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RECORD NUMBER: 8 OF 17

OLS Field Name OLS Field Data
Main Title Injury and Yield Response of Soybean to Chronic Doses of Ozone and Soil Moisture Deficit (Journal Version).
Author Heagle, A. S. ; Flagler, R. B. ; Patterson, R. P. ; Lesser, W. M. ; Shafer, S. T. ;
CORP Author Agricultural Research Service, Beltsville, MD. ;North Carolina State Univ. at Raleigh.;Corvallis Environmental Research Lab., OR.
Publisher c1987
Year Published 1987
Report Number EPA/600/J-87/467;
Stock Number PB89-144422
Additional Subjects Ozone ; Stress(Physiology) ; Droughts ; Soybean plants ; Injuries ; Yield ; Forecasting ; Tables(Data) ; Exposure ; Field tests ; Reprints ; Dose-response relationships ; Air pollution effects(Plants) ; Glycine max
Holdings
Library Call Number Additional Info Location Last
Modified
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Status
NTIS  PB89-144422 Most EPA libraries have a fiche copy filed under the call number shown. Check with individual libraries about paper copy. 06/08/1989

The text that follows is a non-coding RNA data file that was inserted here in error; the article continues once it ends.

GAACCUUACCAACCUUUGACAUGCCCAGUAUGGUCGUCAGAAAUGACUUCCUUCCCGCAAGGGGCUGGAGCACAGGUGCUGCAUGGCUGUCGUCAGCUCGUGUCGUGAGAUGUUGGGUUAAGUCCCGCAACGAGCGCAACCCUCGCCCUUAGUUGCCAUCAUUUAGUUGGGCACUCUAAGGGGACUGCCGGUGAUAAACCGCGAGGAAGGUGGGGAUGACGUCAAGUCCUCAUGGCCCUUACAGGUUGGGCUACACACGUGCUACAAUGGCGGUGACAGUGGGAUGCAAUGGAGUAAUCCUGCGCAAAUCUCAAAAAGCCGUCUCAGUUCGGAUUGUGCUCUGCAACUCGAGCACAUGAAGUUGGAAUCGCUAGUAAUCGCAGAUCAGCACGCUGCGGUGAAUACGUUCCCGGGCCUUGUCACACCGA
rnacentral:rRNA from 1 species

Collation 11p
Abstract
A 2-yr field study was performed to determine injury and yield response of soybean to long-term O3 exposure and soil moisture deficit. Two levels of soil moisture (well-watered (WW) and water-stressed (WS)) were obtained by differential irrigating during periods of low precipitation. Open-top field chambers were used to expose plants to different levels of O3 for 109 days. The 1983 season was drier and hotter than the 1984 season. In 1983, plants in the (WS) plots were under moderate to severe moisture stress and yielded approximately half as much as those in the (WW) plots. In 1984, plants in the WS plots were under moderate moisture stress during flowering and pod-fill stages and they yielded 20% less than those in the WW plots. In 1983, there was a significant relationship between O3 concentration and yield in the WW plots, but not in the WS plots. In 1984, similar linear responses to O3 occurred at both levels of soil moisture. Compared to the control, predicted yield loss for WW plots at ambient O3 levels (2-yr 7 h per day mean of 0.054 microliters/liter) was 12% in 1983 and 14% in 1984. The predicted loss value for the WS plants in 1984 was 12%.